W. W. Norton & Company, 2018
Agent: Roz Foster
Beyond King’s Dream of civil and voting rights lay a revolutionary vision of economic justice.
More than fifty years ago an assassin’s bullet robbed us of one of the most eloquent voices for twentieth-century human rights and justice. Drawing on a new generation of scholarship about the civil rights era, To the Promised Landgoes beyond the iconic view of King as an advocate of racial harmony to explore his profound commitment to the poor and working class, and his call for “nonviolent resistance” to all forms of oppression, including economic injustice.
Phase one of that struggle led to the Civil Rights and Voting Rights Acts. In phase two, King organized poor people and demonstrated for union rights, while seeking a “moral revolution” to replace the self-seeking individualism of the rich with an overriding concern for the common good. To the Promised Landasks us to think about what it would mean to truly fulfill King’s legacy and move toward what he called “the Promised Land” in our own time.
"Much has been written about King, of course, but this exemplary book stands out for the way scholar and former activist Honey shows class and race as dual focuses of King's efforts...An important contribution to our understanding of King and his legacy."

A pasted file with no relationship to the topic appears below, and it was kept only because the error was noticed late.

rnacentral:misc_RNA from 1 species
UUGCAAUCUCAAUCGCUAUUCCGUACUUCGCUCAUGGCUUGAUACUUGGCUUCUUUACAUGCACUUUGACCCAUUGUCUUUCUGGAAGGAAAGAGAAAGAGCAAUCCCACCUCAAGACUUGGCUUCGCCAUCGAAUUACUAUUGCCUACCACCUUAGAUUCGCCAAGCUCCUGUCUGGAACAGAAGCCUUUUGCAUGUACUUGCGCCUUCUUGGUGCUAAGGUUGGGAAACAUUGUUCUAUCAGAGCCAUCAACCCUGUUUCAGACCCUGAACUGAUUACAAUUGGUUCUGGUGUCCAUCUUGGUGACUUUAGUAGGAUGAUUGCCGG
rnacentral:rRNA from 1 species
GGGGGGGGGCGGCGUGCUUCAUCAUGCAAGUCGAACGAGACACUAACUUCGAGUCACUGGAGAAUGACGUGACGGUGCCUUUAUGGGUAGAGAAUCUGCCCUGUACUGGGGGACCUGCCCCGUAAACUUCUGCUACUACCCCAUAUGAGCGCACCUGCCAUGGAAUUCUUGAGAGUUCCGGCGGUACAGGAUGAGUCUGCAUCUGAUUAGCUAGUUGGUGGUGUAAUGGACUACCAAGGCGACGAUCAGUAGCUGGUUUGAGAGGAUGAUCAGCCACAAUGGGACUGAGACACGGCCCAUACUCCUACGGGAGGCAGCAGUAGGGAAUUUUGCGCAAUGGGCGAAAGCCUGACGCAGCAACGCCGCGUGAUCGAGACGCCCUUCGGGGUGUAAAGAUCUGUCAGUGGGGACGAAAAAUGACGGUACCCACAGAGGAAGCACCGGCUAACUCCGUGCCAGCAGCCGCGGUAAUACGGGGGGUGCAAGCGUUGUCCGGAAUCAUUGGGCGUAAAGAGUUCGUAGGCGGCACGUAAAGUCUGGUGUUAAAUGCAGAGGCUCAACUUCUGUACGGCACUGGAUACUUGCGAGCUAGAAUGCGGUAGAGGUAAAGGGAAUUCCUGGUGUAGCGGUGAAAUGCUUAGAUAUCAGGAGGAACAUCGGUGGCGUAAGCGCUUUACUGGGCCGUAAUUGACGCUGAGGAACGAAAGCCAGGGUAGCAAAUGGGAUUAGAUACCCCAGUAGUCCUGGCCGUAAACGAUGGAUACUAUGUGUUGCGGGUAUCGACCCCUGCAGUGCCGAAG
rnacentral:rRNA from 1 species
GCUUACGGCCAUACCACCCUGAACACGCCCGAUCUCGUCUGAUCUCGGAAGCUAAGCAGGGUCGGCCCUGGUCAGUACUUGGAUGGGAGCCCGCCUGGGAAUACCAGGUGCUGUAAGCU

"[A] richly detailed work...[Honey's] book contains both insight and inspiration to activists of many stripes."
“Dr. Martin Luther King Jr. was a revolutionary, fighting to end social injustice and economic inequality, and a catalyst for the ongoing rebellions of the poor. Michael Honey tells a compelling story of militant, revolutionary love in action. This is a dangerous book.”
—Robin D. G. Kelley, author of Freedom Dreams: The Black Radical Imagination
“To the Promised Land helps us to remember King as a prophet for poor and working-class people, as we carry on that campaign against racism and poverty in our own times. A terrific book.”
—Timothy B. Tyson, author of The Blood of Emmett Till
“A portrait of King that is more accurate, more troubling, and more needed than ever before.”
—William P. Jones, author of The March on Washington
“Public memory has played tricks on King’s legacy, turning his fierce struggle against systemic racism into a quest for colorblindness. Honey restores the man in full, one who perceived desegregation as a first step on a longer path toward full citizenship and economic justice. To the Promised Land gives us a longer, messier, and unfinished civil rights movement and a truer portrait of King’s radical hopes. It is an inspiration for the work ahead.”
—Glenda Elizabeth Gilmore, author of Defying Dixie: The Radical Roots of Civil Rights, 1919–1950
“Michael Honey’s important and timely new book recovers the fullness of King’s social Christian vision. More than just Jim Crow’s most formidable detractor, he was one of capitalism’s most insistent and incisive critics. Honey leaves no doubt that, in our new Gilded Age, King’s dream, marked by a longing for both racial and economic justice, remains as relevant as ever.”
—Heath W. Carter, author of Union Made: Working People and the Rise of Social Christianity in Chicago